By David Tuller, DrPH
In January, I wrote a piece for Codastory.com about Maeve Boothby O’Neill, a young woman from Devon, England, who died from ME-related complications in October, 2021, at the age of 27. This week, at a pre-inquest hearing, it was revealed that the medical director of the hospital involved in Maeve’s care declared in a written statement that the UK’s National Health Service has no policy or guidance on severe ME cases and that “action is required at the highest level” to address this deficiency.
Maeve’s parents, Sarah Boothby and her ex-husband, Sean O’Neill, have been pushing for an inquest since Maeve’s death and have been frustrated at the delays in the process. The preliminary hearing was held this past Monday at 10 am. (In San Francisco, I got up in the middle of the night to watch the proceedings on Zoom. But the sound on my end was so garbled that I couldn’t understand a thing. After a while, I went back to bed. Others on the Zoom call apparently did not have the same difficulty.)
(Earlier today, I spoke with Boothby about her impressions of the hearing. Here’s a recordng of our conversation. It’s on youtube but is audio only. The connection wasn’t the best; we seemed to have had a slight sound lag.)
Maeve died at home after three stays at the Royal Devon & Exeter Hospital in the preceding months. She was unable to eat and required a feeding tube but hospital personnel refused to accommodate her wishes. In the end, she chose not to return to the hospital because she didn’t believe she would receive the care she needed to save her life.
In May, 2022, O’Neill, a prominent correspondent for The Times, wrote about his daughter’s death; he followed up last July with another article slamming the delays in the inquest. On Monday, a Times colleague, Will Humphries, covered the proceedings. The headline on his report–“Hospitals have no services for most severe ME cases, coroner told”–highlighted a key point made repeatedly by Maeve’s parents and ME/CFS advocates: This case is not just about one woman’s untimely death but involves a much larger failure on the part of the NHS.
The hearing was essentially an exercise in housekeeping to prepare for the main event—a full two-week inquest expected to take place sometime next year. At the hearing, both O’Neill and Boothby requested the presiding coroner, Deborah Archer, to hold an Article 2 inquest, a process based on a plank of the European Convention on Human Rights. Article 2 of the convention protects people’s “right to life,” and an Article 2 inquest allows for a broader examination of systemic lapses or flaws implicated in a death. Archer is expected to rule on that aspect of the case in the near future.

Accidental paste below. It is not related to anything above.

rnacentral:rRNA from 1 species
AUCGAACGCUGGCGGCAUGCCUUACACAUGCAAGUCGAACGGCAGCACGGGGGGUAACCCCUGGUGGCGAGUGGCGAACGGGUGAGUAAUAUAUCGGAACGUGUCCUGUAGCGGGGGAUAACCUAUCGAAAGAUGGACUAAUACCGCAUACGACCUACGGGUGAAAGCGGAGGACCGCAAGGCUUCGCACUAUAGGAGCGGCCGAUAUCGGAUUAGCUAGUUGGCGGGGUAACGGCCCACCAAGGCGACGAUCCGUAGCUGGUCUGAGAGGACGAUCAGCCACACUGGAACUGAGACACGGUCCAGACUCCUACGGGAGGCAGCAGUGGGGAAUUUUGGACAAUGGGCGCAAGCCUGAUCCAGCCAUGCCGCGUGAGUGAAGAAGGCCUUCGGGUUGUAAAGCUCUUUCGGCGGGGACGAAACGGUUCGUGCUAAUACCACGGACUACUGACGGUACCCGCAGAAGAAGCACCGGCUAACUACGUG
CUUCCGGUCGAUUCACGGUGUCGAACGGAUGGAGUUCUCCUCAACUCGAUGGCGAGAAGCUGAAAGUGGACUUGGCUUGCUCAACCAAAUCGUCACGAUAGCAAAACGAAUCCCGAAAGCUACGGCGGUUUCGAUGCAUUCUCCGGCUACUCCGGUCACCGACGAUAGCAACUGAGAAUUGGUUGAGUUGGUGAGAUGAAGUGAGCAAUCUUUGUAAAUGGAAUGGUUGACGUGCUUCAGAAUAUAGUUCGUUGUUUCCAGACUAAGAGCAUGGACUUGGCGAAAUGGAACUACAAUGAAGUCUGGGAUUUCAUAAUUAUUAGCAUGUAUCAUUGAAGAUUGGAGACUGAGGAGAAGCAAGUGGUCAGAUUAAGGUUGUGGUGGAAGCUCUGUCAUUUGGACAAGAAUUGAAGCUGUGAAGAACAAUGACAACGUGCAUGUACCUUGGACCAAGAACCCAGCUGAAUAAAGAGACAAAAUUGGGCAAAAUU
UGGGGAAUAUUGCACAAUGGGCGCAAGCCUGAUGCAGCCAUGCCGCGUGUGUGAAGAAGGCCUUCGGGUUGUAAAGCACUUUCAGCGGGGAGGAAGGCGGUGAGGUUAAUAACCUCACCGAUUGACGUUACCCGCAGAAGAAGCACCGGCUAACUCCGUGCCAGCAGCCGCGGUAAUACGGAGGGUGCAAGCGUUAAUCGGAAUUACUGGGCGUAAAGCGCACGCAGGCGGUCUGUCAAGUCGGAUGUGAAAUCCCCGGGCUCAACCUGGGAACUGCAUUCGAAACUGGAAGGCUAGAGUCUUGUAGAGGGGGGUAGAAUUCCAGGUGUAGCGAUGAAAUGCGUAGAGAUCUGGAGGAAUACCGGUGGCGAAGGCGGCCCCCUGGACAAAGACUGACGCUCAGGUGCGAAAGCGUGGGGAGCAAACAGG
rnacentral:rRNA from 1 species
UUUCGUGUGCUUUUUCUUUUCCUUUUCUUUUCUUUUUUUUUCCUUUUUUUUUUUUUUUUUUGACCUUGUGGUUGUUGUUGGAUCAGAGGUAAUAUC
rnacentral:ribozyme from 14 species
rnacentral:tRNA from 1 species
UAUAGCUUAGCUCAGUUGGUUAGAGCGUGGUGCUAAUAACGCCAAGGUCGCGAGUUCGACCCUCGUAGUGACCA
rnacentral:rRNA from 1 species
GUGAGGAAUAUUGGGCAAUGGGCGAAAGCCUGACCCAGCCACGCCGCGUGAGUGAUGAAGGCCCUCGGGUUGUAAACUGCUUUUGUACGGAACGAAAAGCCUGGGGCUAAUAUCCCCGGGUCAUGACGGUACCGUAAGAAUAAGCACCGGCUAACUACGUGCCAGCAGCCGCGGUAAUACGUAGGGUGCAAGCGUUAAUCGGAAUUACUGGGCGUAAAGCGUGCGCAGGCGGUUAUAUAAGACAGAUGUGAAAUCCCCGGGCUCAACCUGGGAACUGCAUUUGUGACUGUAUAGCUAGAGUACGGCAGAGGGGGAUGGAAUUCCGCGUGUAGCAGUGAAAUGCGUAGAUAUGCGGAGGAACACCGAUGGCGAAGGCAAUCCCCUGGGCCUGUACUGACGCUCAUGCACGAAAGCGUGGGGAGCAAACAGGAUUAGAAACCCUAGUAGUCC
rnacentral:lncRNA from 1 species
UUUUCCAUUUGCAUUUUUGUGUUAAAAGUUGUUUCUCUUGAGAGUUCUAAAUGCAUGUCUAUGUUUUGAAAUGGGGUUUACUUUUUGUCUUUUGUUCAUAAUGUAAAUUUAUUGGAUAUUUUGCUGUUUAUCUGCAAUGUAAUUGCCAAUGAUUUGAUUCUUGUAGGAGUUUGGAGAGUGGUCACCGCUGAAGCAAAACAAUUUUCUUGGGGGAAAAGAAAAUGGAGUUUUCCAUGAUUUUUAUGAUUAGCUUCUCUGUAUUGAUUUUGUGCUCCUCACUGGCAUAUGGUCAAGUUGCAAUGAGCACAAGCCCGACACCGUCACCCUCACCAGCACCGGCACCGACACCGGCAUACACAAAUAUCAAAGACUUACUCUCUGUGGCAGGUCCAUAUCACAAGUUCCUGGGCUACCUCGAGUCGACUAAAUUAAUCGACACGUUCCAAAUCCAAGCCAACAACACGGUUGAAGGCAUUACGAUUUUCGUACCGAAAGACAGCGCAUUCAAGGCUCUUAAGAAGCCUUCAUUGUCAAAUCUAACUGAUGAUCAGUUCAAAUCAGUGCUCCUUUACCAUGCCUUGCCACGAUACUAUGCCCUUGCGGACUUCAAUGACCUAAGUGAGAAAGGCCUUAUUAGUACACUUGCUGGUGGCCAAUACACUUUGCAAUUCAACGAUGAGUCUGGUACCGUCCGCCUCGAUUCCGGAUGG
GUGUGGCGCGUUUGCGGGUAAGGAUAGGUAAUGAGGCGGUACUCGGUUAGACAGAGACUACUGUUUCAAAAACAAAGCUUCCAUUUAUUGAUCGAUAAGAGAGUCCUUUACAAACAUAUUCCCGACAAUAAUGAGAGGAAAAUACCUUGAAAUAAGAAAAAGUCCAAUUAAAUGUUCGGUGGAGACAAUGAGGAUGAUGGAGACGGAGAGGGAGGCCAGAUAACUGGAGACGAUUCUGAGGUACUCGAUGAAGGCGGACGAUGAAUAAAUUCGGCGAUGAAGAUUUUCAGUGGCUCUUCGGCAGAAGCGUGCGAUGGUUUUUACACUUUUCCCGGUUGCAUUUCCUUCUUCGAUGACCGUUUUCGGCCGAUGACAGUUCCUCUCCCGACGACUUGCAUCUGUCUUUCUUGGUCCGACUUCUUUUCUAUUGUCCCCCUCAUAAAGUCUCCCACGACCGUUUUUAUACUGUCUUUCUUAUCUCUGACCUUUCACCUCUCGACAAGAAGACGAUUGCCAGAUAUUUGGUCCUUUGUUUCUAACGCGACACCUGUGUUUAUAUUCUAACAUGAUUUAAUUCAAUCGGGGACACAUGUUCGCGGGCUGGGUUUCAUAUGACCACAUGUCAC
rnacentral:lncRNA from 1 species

The hearing was not designed as a forum for introducing evidence. In his remarks to Archer, however, O’Neill managed to highlight revealing comments made by Anthony Hemsley, the medical director of the Royal Devon & Exeter Hospital, in his written statement for the inquest, which has not been made public.
According to the article in The Times:
O’Neill, speaking at a pre-inquest review hearing, told Exeter coroner’s court that Anthony Hemsley…said in a recent statement that “for patients with severe [or] very severe ME there are no commissioned specialist inpatient services both regionally and nationally.”
In a statement to the coroner’s court, which has not yet been made public, Hemsley said: “This gap in service has also been confirmed by the local integrated care board [responsible for planning and funding most NHS services in an area]. In order to rectify this situation, action is required at the highest level”…
O’Neill told the coroner that Hemsley was describing “a failure to protect not just Maeve’s life but the lives of those, like Maeve, with severe ME.”
“This was not a case of a local hospital being unable to treat a patient with a particular and unusual illness,” he said. “This is a nationwide failure to help ME sufferers. This is the very definition of a major systemic failing.”
“In my view this is an admission that there was a breach of the’ duty to protect someone who was in the care of the state … That breach, in the form of an admitted inability by the NHS to provide care, led directly to Maeve’s death.”